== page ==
Complete a Facility Inspection

A facility audit is a department-by-department investigation into your construction business’s physical premises, teams, and workforce behavior. These audits typically occur as the second phase of a safety audit once you have already evaluated your overall compliance with the regulatory authorities like OSHA, EPA, and NFPA. During this audit, you’ll be drilling down into more targeted concerns like documentation and communication, department-specific hazards, employee behaviors, and more. 

For example, each department performs different duties with different tools, levels of risk, employees, and rules. To ensure everyone is doing their specific job safely, you’ll want to know which standards apply to each department. While all machines need to be functional, properly maintained, and used in accordance with workplace standards, some equipment will need to be inspected daily, while others only need to be inspected annually, and so. A quick scan of the environment won’t tell you everything you need to know, so, once more, we’ve outlined some questions that the auditor will likely pose:

  • Are there spills or fall hazards to note?
  • What types of equipment are the employees in each department using? What condition is this equipment in?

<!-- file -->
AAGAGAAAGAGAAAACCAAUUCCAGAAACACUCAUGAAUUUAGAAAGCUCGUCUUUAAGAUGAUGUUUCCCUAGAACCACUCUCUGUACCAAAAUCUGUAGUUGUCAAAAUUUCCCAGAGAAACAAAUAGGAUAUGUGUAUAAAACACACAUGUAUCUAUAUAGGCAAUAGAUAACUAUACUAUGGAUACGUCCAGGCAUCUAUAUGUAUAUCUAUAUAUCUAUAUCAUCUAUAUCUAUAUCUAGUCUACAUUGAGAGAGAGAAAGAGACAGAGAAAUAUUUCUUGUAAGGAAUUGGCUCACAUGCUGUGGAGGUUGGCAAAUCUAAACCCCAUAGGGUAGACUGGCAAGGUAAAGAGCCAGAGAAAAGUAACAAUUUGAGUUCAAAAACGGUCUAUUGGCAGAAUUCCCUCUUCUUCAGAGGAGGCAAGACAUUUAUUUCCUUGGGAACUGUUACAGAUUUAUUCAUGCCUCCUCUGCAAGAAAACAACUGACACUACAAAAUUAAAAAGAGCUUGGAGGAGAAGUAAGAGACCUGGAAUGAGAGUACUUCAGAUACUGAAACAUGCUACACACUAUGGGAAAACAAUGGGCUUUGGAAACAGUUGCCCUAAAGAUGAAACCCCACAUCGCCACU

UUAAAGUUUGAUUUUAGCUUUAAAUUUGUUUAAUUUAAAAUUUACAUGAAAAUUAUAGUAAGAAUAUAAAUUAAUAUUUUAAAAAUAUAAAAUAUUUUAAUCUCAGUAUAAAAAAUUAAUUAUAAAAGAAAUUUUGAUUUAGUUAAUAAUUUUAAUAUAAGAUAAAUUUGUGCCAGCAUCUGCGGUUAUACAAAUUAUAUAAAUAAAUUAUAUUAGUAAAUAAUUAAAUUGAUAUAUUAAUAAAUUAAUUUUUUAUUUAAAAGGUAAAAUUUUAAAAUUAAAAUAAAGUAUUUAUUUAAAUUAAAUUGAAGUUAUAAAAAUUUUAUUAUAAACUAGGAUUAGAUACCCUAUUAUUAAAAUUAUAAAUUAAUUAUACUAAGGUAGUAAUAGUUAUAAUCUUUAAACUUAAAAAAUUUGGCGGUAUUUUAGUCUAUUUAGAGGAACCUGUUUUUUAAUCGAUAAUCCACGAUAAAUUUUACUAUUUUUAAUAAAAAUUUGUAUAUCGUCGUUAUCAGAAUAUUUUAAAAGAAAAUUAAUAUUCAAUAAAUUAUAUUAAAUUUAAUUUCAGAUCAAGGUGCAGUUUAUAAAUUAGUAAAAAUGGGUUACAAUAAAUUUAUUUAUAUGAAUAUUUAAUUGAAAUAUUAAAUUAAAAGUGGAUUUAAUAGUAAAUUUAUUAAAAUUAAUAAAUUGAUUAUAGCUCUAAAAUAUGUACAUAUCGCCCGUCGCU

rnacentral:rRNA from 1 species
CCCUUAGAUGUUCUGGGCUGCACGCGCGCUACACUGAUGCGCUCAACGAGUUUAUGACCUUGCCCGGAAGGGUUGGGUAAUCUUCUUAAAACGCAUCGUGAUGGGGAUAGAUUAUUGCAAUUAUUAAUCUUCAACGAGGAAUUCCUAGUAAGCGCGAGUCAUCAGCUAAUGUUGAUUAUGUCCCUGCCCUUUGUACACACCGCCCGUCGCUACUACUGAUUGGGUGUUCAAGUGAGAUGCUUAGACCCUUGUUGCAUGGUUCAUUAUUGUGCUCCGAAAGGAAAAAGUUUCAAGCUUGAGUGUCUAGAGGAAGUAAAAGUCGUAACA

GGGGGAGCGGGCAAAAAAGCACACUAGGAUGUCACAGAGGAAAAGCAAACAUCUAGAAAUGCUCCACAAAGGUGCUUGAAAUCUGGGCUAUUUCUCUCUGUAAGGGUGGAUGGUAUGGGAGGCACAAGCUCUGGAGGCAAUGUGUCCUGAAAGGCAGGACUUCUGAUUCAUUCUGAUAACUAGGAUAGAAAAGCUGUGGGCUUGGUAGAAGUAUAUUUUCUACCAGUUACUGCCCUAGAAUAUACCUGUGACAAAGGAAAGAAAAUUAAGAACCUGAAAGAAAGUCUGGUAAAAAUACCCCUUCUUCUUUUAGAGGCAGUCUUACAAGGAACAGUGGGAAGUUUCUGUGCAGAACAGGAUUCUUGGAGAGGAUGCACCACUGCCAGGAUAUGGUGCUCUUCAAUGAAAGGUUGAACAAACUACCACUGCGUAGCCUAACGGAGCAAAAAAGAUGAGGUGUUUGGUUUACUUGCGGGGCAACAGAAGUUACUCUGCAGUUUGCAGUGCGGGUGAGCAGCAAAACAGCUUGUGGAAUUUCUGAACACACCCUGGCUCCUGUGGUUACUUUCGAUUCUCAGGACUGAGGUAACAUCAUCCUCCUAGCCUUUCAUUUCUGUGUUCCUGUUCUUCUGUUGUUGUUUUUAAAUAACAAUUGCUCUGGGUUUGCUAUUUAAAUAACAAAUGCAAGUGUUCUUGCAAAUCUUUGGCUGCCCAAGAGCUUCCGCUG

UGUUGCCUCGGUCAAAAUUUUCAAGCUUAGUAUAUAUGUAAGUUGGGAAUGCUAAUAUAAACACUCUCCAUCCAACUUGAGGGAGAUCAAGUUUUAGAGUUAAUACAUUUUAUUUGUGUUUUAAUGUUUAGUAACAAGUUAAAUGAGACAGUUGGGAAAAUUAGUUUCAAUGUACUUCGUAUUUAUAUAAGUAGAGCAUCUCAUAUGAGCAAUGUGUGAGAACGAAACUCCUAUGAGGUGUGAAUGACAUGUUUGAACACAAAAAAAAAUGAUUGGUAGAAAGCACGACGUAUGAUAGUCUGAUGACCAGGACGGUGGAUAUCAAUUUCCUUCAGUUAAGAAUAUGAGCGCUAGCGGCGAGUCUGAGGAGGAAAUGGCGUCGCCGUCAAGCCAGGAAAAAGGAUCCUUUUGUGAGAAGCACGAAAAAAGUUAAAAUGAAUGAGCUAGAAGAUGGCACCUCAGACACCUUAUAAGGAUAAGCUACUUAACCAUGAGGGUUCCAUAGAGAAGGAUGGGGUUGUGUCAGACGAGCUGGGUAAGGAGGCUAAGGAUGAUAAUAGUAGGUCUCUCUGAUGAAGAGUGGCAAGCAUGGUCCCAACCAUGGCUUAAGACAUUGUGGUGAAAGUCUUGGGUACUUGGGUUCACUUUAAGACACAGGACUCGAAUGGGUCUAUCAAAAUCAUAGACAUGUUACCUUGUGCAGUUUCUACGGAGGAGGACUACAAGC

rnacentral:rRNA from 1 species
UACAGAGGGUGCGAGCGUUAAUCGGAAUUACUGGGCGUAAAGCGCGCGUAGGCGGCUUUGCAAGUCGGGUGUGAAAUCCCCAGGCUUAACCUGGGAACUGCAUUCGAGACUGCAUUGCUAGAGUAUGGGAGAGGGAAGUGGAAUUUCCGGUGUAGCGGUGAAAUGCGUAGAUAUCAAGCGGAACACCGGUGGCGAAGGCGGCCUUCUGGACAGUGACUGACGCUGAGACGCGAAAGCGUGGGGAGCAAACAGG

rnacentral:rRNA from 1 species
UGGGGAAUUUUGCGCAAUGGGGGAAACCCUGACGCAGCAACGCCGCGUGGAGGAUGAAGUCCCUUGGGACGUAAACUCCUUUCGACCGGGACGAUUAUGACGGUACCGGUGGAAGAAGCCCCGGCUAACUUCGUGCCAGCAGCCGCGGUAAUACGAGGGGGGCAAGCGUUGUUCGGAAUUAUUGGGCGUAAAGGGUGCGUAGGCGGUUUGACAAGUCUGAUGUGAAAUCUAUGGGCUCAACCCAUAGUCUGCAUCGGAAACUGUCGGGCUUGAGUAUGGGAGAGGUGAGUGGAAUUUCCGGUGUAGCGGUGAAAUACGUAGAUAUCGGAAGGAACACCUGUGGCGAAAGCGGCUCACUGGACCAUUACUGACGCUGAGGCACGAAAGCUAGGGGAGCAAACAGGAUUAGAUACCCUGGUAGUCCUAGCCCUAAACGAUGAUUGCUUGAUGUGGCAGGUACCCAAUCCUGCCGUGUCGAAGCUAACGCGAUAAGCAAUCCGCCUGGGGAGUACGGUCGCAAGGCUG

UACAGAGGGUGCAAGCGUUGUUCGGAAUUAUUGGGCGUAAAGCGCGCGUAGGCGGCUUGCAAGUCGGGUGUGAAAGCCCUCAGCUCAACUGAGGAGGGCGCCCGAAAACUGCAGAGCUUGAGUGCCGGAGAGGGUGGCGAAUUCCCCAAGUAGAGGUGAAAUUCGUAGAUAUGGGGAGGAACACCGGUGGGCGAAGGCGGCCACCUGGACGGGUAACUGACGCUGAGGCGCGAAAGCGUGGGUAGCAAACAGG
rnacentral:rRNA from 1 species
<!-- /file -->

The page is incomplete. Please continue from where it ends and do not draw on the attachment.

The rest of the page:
• Are the employees trained to use each of the tools they are using?
  • What is the layout of the facilities?
  • Is the environment loud or distracting?
  • What is the condition of walking or working surfaces?
  • Do employees have any feedback on how to improve the program?

Related: Tips for Conducting a Safety Audit at Your Construction Site

Create a Safety Committee

Finally, once you’ve conducted a comprehensive regulatory audit as well as a facility inspection, it’s time to create a safety committee. This will bring any audit and inspection findings into focus so that members may convene to determine your business’s next course of action, prioritize necessary improvements, and designate employees to make these changes. In addition to senior managers, your safety committee should always include department managers, key employees from each department, and your HR manager. Just be sure to abide by state-specific guidelines on the committee’s function, employee involvement, and representation within the committee.

Once you have your committee members in place, your next steps to a successful committee should be to document bylaws, procedures, and standard agendas and assign responsibilities to each member. You never want your committee to fall short as a result of not being consistent or specific with accountability. Whenever you identify an action item, you need to have someone’s name beside it. If you feel as if your safety committee is struggling for any reason, don’t wait until it’s too late to get in touch with a Florida OSHA defense lawyer.

If you would like to speak with one of our OSHA lawyers, please contact us today.

Disclaimer: The information contained in this article is for general educational information only. This information does not constitute legal advice, is not intended to constitute legal advice, nor should it be relied upon as legal advice for your specific factual pattern or situation.